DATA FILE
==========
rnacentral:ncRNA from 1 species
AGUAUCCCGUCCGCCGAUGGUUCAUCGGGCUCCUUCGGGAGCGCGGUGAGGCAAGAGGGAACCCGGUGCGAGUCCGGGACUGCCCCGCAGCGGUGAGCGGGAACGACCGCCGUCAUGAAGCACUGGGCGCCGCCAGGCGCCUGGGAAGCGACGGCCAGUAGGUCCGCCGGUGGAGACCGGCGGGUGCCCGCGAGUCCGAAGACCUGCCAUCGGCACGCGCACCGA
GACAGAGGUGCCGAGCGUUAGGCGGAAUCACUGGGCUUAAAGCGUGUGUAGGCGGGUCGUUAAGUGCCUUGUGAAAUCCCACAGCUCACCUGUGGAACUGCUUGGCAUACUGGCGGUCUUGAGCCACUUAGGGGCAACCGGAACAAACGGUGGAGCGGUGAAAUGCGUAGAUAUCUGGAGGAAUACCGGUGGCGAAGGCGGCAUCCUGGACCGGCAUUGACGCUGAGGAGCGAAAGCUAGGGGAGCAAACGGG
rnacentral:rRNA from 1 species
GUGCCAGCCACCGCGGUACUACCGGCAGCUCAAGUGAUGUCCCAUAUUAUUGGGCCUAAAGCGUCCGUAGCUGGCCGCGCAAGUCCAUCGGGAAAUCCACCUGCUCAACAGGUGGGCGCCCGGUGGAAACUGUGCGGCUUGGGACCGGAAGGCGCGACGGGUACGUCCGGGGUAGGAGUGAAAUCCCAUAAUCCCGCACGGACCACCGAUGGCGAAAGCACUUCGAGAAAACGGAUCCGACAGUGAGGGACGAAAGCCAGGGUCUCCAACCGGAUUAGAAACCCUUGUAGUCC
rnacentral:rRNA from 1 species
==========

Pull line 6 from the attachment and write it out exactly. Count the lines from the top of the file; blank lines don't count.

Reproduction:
rnacentral:rRNA from 1 species